The short answer is that both will work, however, if you are looking for high accuracy then a screw drive system will outperform every time.
Belt drive systems are much cheaper to produce and require less expensive components to make them work. A belt drive system is usually a one to one ratio between motor movement and gantry movement. Meaning that there is no gear reduction so as the motor moves, the gantry will move an equal amount. Because of this, the motor on a belt drive system will usually be much larger than a same size lead screw driven system. Belts are also more susceptible to stretching and wear. This will always affect accuracy. If the belt stretches that will immediately translate into an inaccuracy at the bit into your workpiece. Some might argue that a belt drive system will move the gantry faster, but keep in mind that moving faster into a material and having stretch on the belt will cause deflection and the belt will act more like a spring thus increasing the risk for lost steps and positioning.
A screw driven system usually consists of a threaded rod (screw) that is either an Acme-type lead screw or a ball screw. The motor will rotate the screw and the gantry is attached to the screw with some type of threaded nut (lead screw nut or ball nut). As the screw turns, the gantry is moved in the corresponding direction. The number of threads per inch will determine how many rotations the screw must turn for the gantry to move one inch. This gear reduction means that you can either use much smaller stepper motors to control the movement and still maintain a very high accuracy, or you can use a larger motor and move a larger mass as compared to using the same size motor in a belt driven system. You will find much better repeatability and accuracy in a screw driven system with minimal to no linear free play. Due to the costs of lead and ball screws and components, you will find that these type of drive systems will cost more than a belt drive system.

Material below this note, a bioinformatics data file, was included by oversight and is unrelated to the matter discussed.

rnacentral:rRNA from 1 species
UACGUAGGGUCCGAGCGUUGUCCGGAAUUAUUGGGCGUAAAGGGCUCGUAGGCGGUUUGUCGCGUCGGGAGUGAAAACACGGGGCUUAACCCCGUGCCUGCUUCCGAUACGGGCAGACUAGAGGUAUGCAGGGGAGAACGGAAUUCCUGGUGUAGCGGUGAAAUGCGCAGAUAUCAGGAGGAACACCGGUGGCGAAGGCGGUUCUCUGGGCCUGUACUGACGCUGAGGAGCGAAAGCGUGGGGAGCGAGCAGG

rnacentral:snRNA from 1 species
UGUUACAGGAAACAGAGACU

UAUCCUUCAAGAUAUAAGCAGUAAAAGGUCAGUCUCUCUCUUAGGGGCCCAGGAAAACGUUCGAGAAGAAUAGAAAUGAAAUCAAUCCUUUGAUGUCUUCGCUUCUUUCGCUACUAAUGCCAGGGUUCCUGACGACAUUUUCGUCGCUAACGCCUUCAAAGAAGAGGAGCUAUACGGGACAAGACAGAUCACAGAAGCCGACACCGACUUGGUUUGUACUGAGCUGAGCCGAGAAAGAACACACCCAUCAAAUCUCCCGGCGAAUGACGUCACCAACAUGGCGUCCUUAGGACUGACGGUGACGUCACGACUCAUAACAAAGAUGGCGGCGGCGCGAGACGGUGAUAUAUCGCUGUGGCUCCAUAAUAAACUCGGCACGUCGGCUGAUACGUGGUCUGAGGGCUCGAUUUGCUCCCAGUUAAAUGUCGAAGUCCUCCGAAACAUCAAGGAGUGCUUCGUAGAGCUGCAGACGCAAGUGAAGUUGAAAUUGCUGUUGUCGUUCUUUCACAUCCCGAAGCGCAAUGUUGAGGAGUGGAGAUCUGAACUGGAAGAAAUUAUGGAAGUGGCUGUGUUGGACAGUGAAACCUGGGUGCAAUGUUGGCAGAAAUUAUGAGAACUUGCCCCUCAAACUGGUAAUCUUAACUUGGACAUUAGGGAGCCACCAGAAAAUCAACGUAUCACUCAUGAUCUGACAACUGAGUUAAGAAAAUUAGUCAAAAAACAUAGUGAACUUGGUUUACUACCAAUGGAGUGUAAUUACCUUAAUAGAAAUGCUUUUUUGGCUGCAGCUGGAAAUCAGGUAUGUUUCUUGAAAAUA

If you are looking for high accuracy, a more rugged design, or if you plan to cut harder materials like hard plastics, hard woods and metals, then you will want a system that uses a screw-drive. If you are just planning to cut thin, softer materials like soft woods and plastics and accuracy is not as important to you, and if you do not have a large budget, then a belt-drive system might be right for you. Always keep in mind when looking at purchasing a CNC system what you might need in the future. You might think that your immediate need to make model parts out of thin plywood, thin plastic and balsa wood might not require a screw drive, but maybe in the future you want to cut hardwoods, thicker plastics or metals, or you get a project that requires a high cutting accuracy – in this case you might be kicking yourself for not spending the extra few hundred dollars for the better drive system.